The top 10 questions about Toronto according to Google

Q: What is Toronto known for?

A: Besides the late Rob Ford’s antics when he was mayor, Toronto’s actually known for some pretty cool stuff. It’s known for the EdgeWalk at CN Tower, where you can dangle out over the city at 356m high. The Toronto Zoo and the Ripley’s Aquarium of Canada are also top attractions. Some might add the city is known for being one of the world’s most multicultural cities – or it’s abysmal hockey team, the Toronto Maple Leafs.

 

Q: What does Toronto mean?

A: The word Toronto comes from a word in the Iroquois language that means “where there are trees in water.” Before the spelling “Toronto,” the area first got its name as “lac de Taranteau” in 1670. Over the years, it came to signify the area where the present city is built.

 

Q: What is Toronto’s weather?

A: Weather in Toronto changes by the day, but the climate is easier to describe. In the winter months of December, January and February, the temperature is, on average, -5ºC overnight and around 0 during the day. The city can get a lot of snow during the winter, and sometimes the snow comes unexpectedly, leaving several feet of it on the ground. In summer, Toronto tends to be hot and humid, reaching 25ºC during the day in June, July and August on average, and 17ºC overnight.

 

Q: What does Toronto have to offer?

A: Besides the most obvious tourism destinations like the CN Tower, Toronto Zoo and Ripley’s Aquarium Toronto has lots to offer to visitors and locals alike. The city is brimming with culture, reflected in its amazing restaurants, active music and arts scenes and colourful festivals. The city’s neighbourhoods are diverse, offering something for everyone – from family-friendly, to yuppie-filled, to hipster paradise. It’s an excellent place to find work, being one of the economic powerhouses of Canada. Toronto has parks, tons of sports options, bike lanes, transit, exciting attractions to see within a few hours drive (Niagara Falls!), great shopping and so much more, it’s hard to list it all here.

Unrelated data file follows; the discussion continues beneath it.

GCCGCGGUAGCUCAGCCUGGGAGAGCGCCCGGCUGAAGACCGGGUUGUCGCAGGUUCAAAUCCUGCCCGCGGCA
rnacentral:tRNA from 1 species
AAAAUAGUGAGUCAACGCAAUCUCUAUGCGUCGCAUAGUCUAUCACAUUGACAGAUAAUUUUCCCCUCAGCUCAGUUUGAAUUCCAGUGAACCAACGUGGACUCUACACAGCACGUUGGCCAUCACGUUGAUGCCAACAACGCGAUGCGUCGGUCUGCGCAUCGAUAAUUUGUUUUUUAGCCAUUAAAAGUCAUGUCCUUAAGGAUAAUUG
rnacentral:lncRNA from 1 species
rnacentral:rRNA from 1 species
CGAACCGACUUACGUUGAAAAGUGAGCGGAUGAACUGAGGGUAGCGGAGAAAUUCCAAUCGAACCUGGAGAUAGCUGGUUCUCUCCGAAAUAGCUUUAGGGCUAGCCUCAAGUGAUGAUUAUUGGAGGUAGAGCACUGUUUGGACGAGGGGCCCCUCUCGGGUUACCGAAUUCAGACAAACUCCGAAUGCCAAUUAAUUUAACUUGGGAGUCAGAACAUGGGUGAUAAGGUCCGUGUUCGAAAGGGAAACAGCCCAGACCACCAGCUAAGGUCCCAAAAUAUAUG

Q: Why is Toronto called the six?

A: You can check out our blog about this new nickname for Toronto, also spelled the 6 or the 6ix. In short, Toronto-raised rapper Drake named an album “Views from the Six,” referring to Toronto. It’s become a pretty common name for the city, especially for younger Torontonians.

 

Q: What does Toronto look like?

A: Well, the Toronto skyline is punctuated by the CN Tower, with the dome-like Rogers Centre just next to it. The city sits on the shore of Lake Ontario and its downtown is full of skyscrapers. Really, though, if you’re asking this question, you’re gonna want pictures.

 

Q: Why is Toronto YYZ?

A: Major Canadian airport codes all start with Y because of rules from the International Air Transport Association. But while Vancouver gets YVR and Ottawa gets YOW, Toronto didn’t get YTO. The reason? Toronto has a few airports, so it wouldn’t make sense. Instead, YTO is used to designate the Toronto airport. So while Toronto Pearson International Airport gets YYZ, Billy Bishop Toronto City Airport got YTZ and Toronto/Buttonville Municipal Airport is YKZ.

 

Q: Why is Toronto called the Big Smoke?

A: There’s no clear answer to that one, actually. The first written reference to the nickname, which doubles as the nickname for London, England, may have come from Australian Aboriginals, who used the term to talk about all big cities. The nickname surfaced again in 1994 by a writer who was likely trying to say the city had a big reputation, but not much to show for it.

 

Q: How is Toronto pronounced?

A: Depends where you’re located. If you’re within Toronto, the correct pronunciation is “tronno” or “chronno”. For anyone who doesn’t live in Toronto, the norm seems to pronounce it as its spelled. There are variations on the local pronunciation, though: “tranna,” “ta-RA-na,” “turrano,” and “churrano” are all acceptable answers.

 

Q: Where is Toronto?

A: Toronto is located in southern Ontario, which is a province in Canada. The city borders the northern shore of Lake Ontario, which is one of the Great Lakes that divides this part of Canada from the United States. Geographically speaking, Toronto is in the southeastern region of Canada, and isn’t far from New York State.

Born on the Prairies, Erin Cardone grew up knowing there was more to life than canola fields and AAA Alberta Angus. So she escaped, living in Europe and Australia, white-knuckling it through plates of calf brains and raw horse meat, and learning languages she can't remember anymore. After a stint as a jaded, skeptical journalist, she changed tack and began writing rather awesome blogs and showing businesses that advertising is dead, so long live social media, with her businesses Legendary Social Media. She now splits her time between various Canadian cities, Costa Rica and wherever else the wind blows.

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